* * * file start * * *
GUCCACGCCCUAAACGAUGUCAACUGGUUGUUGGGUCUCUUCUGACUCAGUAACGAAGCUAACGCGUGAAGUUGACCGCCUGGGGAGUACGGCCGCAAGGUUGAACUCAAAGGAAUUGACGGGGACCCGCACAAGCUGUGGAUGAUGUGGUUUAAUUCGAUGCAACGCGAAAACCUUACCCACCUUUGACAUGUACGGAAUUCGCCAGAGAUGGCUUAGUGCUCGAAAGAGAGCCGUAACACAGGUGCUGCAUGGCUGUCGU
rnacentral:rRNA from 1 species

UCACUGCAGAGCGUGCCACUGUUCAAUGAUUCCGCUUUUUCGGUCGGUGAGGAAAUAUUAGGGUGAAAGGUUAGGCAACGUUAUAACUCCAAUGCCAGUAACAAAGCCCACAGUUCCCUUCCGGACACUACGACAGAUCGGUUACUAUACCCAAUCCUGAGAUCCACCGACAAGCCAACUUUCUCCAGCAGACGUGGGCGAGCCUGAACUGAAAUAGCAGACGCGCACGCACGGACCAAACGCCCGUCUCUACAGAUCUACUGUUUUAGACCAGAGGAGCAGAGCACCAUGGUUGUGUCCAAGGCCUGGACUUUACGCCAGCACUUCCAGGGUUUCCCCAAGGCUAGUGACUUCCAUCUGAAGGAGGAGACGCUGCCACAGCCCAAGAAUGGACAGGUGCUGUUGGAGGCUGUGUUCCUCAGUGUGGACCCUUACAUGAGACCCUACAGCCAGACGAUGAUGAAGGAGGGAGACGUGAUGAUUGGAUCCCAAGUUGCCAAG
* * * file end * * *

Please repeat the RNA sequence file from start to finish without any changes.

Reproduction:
GUCCACGCCCUAAACGAUGUCAACUGGUUGUUGGGUCUCUUCUGACUCAGUAACGAAGCUAACGCGUGAAGUUGACCGCCUGGGGAGUACGGCCGCAAGGUUGAACUCAAAGGAAUUGACGGGGACCCGCACAAGCUGUGGAUGAUGUGGUUUAAUUCGAUGCAACGCGAAAACCUUACCCACCUUUGACAUGUACGGAAUUCGCCAGAGAUGGCUUAGUGCUCGAAAGAGAGCCGUAACACAGGUGCUGCAUGGCUGUCGU
rnacentral:rRNA from 1 species

UCACUGCAGAGCGUGCCACUGUUCAAUGAUUCCGCUUUUUCGGUCGGUGAGGAAAUAUUAGGGUGAAAGGUUAGGCAACGUUAUAACUCCAAUGCCAGUAACAAAGCCCACAGUUCCCUUCCGGACACUACGACAGAUCGGUUACUAUACCCAAUCCUGAGAUCCACCGACAAGCCAACUUUCUCCAGCAGACGUGGGCGAGCCUGAACUGAAAUAGCAGACGCGCACGCACGGACCAAACGCCCGUCUCUACAGAUCUACUGUUUUAGACCAGAGGAGCAGAGCACCAUGGUUGUGUCCAAGGCCUGGACUUUACGCCAGCACUUCCAGGGUUUCCCCAAGGCUAGUGACUUCCAUCUGAAGGAGGAGACGCUGCCACAGCCCAAGAAUGGACAGGUGCUGUUGGAGGCUGUGUUCCUCAGUGUGGACCCUUACAUGAGACCCUACAGCCAGACGAUGAUGAAGGAGGGAGACGUGAUGAUUGGAUCCCAAGUUGCCAAG